bjcc
26th Sep 2004, 19:26
Final 3 Greens


Limited access to toilets is refused access is it? Where there is water also perhaps?

Let them out to get thier own food...interesting idea, of course how stupid of the police...detain pax regarding a security incident, then let them wander off looking for food????? I wonder why they didn't do that?

As for guess the northern town, quite honestly I can't be bothered, just ask yourself why what you claim happens doesn't any more...Perhaps if Dixon of Dock Green had had a flack jacket he wouldn't have been murdered in the film 'the blue light'

Unsubstaniated opinon? Well thats all this post is, mostly... The full reeason for this incident have not been revealed, a 'suspcious object' part of the story, but from that point onwards what happens police wise is dependent on wht the object is suspected to be. No one knows...inclucing me. I can see however there would be circumstances depending on what the objects suspected to be when police action would be exactly this...or ven in some cases more dreconian. You can find me pompous over it, tough. unlike you I have had to deal with this sort of thing.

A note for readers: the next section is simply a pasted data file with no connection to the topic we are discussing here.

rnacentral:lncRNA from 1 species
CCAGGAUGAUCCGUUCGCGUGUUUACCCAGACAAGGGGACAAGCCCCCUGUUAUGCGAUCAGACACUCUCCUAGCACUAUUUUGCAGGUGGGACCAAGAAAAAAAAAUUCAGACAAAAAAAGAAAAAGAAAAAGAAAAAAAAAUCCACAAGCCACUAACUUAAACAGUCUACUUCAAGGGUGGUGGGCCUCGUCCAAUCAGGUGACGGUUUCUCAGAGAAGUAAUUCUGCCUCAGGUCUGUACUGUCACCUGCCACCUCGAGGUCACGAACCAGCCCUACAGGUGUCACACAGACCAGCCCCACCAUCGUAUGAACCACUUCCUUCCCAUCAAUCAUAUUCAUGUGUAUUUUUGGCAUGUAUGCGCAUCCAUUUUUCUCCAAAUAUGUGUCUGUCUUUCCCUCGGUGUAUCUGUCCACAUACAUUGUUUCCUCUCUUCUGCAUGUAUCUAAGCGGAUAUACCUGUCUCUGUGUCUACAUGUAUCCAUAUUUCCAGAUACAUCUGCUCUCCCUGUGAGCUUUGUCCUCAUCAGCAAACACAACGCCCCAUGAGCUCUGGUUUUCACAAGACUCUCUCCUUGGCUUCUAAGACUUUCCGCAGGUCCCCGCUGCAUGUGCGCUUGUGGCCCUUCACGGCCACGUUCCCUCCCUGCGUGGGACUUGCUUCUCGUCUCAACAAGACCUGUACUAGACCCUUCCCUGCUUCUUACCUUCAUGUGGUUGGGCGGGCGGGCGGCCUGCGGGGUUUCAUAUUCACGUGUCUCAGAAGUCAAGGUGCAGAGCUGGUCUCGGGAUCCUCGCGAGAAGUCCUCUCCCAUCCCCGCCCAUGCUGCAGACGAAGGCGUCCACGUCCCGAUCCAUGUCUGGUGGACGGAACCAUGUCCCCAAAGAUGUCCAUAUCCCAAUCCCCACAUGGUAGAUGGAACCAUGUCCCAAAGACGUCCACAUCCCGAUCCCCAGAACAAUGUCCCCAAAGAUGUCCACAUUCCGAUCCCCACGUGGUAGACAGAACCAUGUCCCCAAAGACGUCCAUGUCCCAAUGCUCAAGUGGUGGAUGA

Yes the pax probably do still have a contract with the airlines, they having not forfilled thier side of it. They also have a duty of care towards the pax, which it could be said include the provision of food. The fact that Police made no such arrangements makes me think theat the Police relied on the airline to do it. In any case there is NO contract with Police on the subject. The passengers were detained (as in the old S.66 MPA Stop, search and DETAIN) not arrested.

Ranger One...I'm sorry where does the 'punishment' for visiting the bathroom come into it?

Ranger One
27th Sep 2004, 01:35
bjcc:

Ranger One...I'm sorry where does the 'punishment' for visiting the bathroom come into it?

In the usenet thread (google groups) I quoted in my initial post, a passenger who was on the flight reported:

The initial response from the police was " No you cant use the toilet" when this was challenged, the officer said, "if you don't do as I say, I will make sure that you don't fly out of EMA today" In fact none of us flew!